I am working on a new writing project which has the word ‘fuck’ in its title. This, it transpires, might be problematic, because although societally speaking, we are open to the use of the word when written, it’s still not part of appropriate conversation in some quarters. I know this because if my children say it, I admonish them. And when I described the project to my Mum, I winced a bit when I said it. Although to type it, whilst mildly anarchic, I find a pleasing completeness to the word. As a word, it does what no other word will do. So there you go. Fuck. Let’s just say it out loud; Fuck. See? Deserves a capital letter.
Meanwhile on the London writing course, which is now punctuating my week like a well-placed semicolon, we discussed the ethics of truth and whether my memory of an event is the same as anyone else’s. This is what I love about learning; it opens the mind and makes the brain ache a bit, in a good way. I walked back across Waterloo Bridge, which has become my new favourite bridge because the Thames is always in tumult beneath it, churning, and on the one side Parliament and the London Eye, and on the other the towering city. Two young women were talking, I was eavesdropping as I walked slightly behind them, then we fell into a unified stride. One said;
‘If we’d have known a year ago what today would look like, we’d be, like, what the fuck. What the actual fuck is this shit?’
The other agreed in earnest.
And I thought yes, my sentiments exactly.
The world opens up after change, when the future is not clear, and when it is your turn for hardship. I feel like hardship waits on everyone’s doorstep, mostly unseen, but then it knocks on the door and barges its way in, and there is no way to avoid it. It makes its way around the houses.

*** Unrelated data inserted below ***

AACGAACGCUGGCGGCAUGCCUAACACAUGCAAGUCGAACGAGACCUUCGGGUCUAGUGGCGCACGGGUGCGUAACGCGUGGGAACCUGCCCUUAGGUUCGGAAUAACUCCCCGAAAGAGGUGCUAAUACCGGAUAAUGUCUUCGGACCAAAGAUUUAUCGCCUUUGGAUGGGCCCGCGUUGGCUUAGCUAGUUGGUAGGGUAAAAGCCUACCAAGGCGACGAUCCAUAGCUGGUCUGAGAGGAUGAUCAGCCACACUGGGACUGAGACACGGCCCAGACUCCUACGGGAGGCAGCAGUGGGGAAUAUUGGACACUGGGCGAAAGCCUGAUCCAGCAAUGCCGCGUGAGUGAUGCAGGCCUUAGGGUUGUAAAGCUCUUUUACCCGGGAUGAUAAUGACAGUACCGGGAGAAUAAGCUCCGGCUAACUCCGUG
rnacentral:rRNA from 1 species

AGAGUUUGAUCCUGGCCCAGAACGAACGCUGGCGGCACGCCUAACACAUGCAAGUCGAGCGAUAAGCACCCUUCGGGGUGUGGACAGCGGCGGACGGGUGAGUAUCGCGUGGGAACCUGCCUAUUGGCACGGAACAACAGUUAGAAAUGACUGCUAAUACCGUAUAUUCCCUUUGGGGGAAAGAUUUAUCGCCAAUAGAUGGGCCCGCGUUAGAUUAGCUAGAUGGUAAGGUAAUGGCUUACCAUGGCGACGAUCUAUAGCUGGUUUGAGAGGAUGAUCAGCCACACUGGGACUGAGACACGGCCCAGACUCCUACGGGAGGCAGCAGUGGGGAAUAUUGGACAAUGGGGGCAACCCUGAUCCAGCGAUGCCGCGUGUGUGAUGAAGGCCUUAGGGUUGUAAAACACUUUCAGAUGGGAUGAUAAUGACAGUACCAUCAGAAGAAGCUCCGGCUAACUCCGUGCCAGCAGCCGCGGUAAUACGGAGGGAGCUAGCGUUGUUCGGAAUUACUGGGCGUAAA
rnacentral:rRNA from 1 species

There is good and bad. The good is exponential and I cling to it because it will, in the end bear fruit. There are books and thoughts, and early morning yomps across the South Downs with an old friend who also has hardship knocking at her door. There are opportune meetings with people you haven’t thought about in thirty years. There’s the kindness of others, and a ‘man who can’ who unblocked my kitchen drain. Turns out I had a fat berg. I felt this was symbolic. Blocked drains the postscript to the decomposing rat. It’s glamorous in the country. There’s knowing that this too shall pass. There’s the leafy, apple strewn lawn of my house, at sunrise, and the knowledge that the seasons come and go. There’s family. And dogs. And roast chicken and cauliflower cheese and other beige foods which nurture and sustain.
I hear myself say that you have to be open to the cosmic universe, and what I mean is, you never know. You think you do, but actually all sorts of stuff happens and you don’t know how you’ll react. I think the answer is to be open. Not closed. To be open-hearted and to try to wait it out. I never did find out what the conversation on Waterloo Bridge was about, they crossed the road and I carried on and they were swallowed into the masses. Let’s hope they find contentment again.